Meysam Kordi, 32, (pictured) had been living in Dukinfield, Greater Manchester, when he was denied access to free healthcare which had resulted in him ‘losing his teeth’
An asylum seeker with severe toothache who was struggling to access a dentist told police he was wearing a suicide vest because he ‘wanted them to shoot him’.
Meysam Kordi, 32, had been living in Dukinfield, Greater Manchester, when he was denied access to free healthcare which had resulted in him ‘losing his teeth’.
It is thought he became increasingly ‘frustrated about issues with the Home Office’ and last month Kordi prompted a huge emergency response at his flat when he told officers he had attached explosives to himself.
Kordi was today jailed for one year over the stunt.
Kordi, who came to the UK from Iran in November 2018, made the threats on January 16 earlier this year.
Armed officers were scrambled to the scene and cordoned off the area with nearby businesses being evacuated.
Bomb disposal experts arrived at his flat and examined the bogus vest before deeming it ‘non-viable’.
Kordi later told Minshull Street Crown Court that he had wanted armed police to turn up and shoot him.
Speaking at the trial, a judge said the incident caused ‘real fiscal loss’ and had a serious impact on the community.
Prosecutor Duncan Wilcock said Kordi made a call to police and appeared to be speaking though an interpreter.
He said he was ‘frustrated about issues with the Home Office’.
Kordi also said he had been denied access to free healthcare, which had resulted in him ‘losing his teeth’.
Mr Wilcock said: ‘He told police he had made previous attempts on his own life and that he had attached explosives to himself.
‘The defendant told them he wanted police to attend and for them to be armed.’
Kordi told police he did not want to hurt them but that instead he wanted them to shoot him.
Last month Kordi prompted a huge emergency response at his flat when he told officers he had attached explosives to himself
Armed officers were scrambled to the scene and cordoned off the area with nearby businesses being evacuated. Bomb disposal experts arrived at his flat and examined the bogus vest before deeming it ‘non-viable’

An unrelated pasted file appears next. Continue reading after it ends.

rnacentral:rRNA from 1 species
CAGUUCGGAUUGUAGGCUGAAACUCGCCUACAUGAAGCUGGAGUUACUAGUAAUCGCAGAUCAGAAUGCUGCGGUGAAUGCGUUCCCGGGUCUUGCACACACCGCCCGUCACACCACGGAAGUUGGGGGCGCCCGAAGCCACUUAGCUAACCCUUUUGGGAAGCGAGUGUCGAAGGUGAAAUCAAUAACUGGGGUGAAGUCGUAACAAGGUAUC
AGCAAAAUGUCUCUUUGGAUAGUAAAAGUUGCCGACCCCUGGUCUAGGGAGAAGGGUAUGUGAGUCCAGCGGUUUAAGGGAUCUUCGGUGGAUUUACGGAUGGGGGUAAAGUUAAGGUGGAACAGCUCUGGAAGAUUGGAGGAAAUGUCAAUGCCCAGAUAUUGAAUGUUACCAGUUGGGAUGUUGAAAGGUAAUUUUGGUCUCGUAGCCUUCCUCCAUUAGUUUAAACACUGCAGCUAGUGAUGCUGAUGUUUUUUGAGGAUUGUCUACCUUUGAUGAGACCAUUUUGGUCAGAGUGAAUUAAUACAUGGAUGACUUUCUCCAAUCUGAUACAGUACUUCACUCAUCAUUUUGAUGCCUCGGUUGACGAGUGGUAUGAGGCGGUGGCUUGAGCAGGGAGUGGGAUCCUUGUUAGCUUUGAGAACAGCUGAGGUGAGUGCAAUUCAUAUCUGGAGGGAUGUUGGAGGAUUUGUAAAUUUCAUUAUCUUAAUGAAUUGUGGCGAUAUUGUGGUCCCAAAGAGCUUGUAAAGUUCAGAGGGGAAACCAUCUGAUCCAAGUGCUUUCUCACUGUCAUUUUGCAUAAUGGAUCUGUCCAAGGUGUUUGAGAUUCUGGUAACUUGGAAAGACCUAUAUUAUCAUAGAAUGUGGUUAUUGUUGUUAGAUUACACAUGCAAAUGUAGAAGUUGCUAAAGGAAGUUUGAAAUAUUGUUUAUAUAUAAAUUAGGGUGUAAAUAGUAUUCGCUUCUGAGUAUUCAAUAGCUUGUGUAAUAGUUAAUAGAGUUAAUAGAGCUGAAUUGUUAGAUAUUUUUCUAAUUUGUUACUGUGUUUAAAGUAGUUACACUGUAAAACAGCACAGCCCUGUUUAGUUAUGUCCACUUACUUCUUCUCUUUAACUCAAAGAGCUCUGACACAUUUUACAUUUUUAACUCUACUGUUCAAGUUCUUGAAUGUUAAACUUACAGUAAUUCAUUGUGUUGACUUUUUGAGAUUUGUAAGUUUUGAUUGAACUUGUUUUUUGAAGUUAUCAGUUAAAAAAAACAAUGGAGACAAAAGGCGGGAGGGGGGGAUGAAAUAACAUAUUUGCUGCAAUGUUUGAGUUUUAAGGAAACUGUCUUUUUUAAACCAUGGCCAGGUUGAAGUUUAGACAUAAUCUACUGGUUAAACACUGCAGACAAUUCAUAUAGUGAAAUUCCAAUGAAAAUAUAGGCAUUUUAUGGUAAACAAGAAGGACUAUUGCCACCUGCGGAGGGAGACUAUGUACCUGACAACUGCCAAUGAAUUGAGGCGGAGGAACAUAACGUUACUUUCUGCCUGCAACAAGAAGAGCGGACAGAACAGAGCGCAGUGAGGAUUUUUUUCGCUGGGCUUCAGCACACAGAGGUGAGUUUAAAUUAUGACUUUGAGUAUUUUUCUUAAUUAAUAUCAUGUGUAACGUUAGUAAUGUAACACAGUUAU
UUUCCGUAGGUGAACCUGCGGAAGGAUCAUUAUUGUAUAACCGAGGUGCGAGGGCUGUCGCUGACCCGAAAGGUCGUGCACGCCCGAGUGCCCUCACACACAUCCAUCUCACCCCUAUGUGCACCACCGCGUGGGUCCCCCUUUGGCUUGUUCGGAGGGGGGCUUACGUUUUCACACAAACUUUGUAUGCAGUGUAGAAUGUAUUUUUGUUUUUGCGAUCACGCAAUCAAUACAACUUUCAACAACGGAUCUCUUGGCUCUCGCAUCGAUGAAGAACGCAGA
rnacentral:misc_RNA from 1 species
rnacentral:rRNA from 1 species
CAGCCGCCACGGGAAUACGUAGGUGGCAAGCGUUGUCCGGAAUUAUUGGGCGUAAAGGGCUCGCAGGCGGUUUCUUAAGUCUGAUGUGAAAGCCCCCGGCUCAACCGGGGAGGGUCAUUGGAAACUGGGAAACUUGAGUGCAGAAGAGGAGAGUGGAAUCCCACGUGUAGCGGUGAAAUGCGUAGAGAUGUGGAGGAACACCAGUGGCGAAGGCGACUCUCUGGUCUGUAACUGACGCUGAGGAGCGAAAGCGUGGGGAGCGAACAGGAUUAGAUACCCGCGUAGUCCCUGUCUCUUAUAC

The interpreter, who was with the defendant at the time, asked if there was anything police could do to help.
Kordi replied: ‘Release me of this life.’
Mr Wilcock said: ‘Firearms officers negotiated with this defendant with the help of an interpreter.
‘Over time, he came out and removed his outer clothing and took off the vest he was wearing.’
The defendant was arrested at the scene.
In mitigation, James Preece said his client – who has no previous convictions – was ‘deeply, deeply sorry’ and that he had ‘no intention of harming anyone’.
He added that the defendant ‘bitterly regrets his actions’ was having ‘feelings of desperation’ at the time.
Mr Preece said: ‘The reason for that desperation were the problems he was suffering with his teeth.
‘He said that for six months he was suffering with severe toothache and had lost a lot of his teeth and that he needed paperwork to see a dentist.
‘He did eventually get that paperwork and was able to get treatment.
‘He was suffering from depression and there was frustration in relation to the asylum process.’
Judge Bernadette Baxter at Minshull Street Crown Court (pictured) said Kordi’s frustration ‘did not justify’ his actions and jailed him for 12 months
Kordi, of Birch Lane, Dukinfield, pleaded guilty to placing an article with intent to cause fear and sending false messages with to cause annoyance, inconvenience or anxiety.
Judge Bernadette Baxter said Kordi’s frustration ‘did not justify’ what he did and jailed him for 12 months.
Sentencing, the judge told him: ‘You came to this country in November 2018 seeking asylum from Iran and were moved into a flat on Birch Lane for asylum seekers.
‘Sadly, your asylum application took time as it inevitably would do and you became frustrated about that process.
‘I accept that you had medical problems that needed treatment and your status as an asylum seeker made it difficult for you to access to necessary treatment.
‘However, that does not justify what you did.’
Judge Baxter said it was a ‘planned and premeditated’ incident, which resulted in ‘great public expense and inconvenience’.
The judge continued: ‘Firearms officers, the fire brigade and explosives experts had to attend at the scene and roads were cordoned off.
‘Businesses were evacuated and children had to be kept in school because their parents could not get access to collect them.
‘This had real community impact causing real fiscal loss and resources over a period of time.
‘Only an immediate period of custody can be justified, both as a punishment and a deterrent to others.’